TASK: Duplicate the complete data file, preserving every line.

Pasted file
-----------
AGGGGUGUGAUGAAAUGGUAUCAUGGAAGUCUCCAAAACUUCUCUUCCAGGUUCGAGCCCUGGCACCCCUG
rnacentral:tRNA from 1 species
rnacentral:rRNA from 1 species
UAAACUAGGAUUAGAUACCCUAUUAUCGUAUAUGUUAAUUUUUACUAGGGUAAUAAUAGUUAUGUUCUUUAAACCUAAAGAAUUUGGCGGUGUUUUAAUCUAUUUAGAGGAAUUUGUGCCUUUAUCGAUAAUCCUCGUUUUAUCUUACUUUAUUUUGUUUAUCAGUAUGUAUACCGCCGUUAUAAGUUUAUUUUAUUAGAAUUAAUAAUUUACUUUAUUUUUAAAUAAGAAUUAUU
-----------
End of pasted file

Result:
AGGGGUGUGAUGAAAUGGUAUCAUGGAAGUCUCCAAAACUUCUCUUCCAGGUUCGAGCCCUGGCACCCCUG
rnacentral:tRNA from 1 species
rnacentral:rRNA from 1 species
UAAACUAGGAUUAGAUACCCUAUUAUCGUAUAUGUUAAUUUUUACUAGGGUAAUAAUAGUUAUGUUCUUUAAACCUAAAGAAUUUGGCGGUGUUUUAAUCUAUUUAGAGGAAUUUGUGCCUUUAUCGAUAAUCCUCGUUUUAUCUUACUUUAUUUUGUUUAUCAGUAUGUAUACCGCCGUUAUAAGUUUAUUUUAUUAGAAUUAAUAAUUUACUUUAUUUUUAAAUAAGAAUUAUU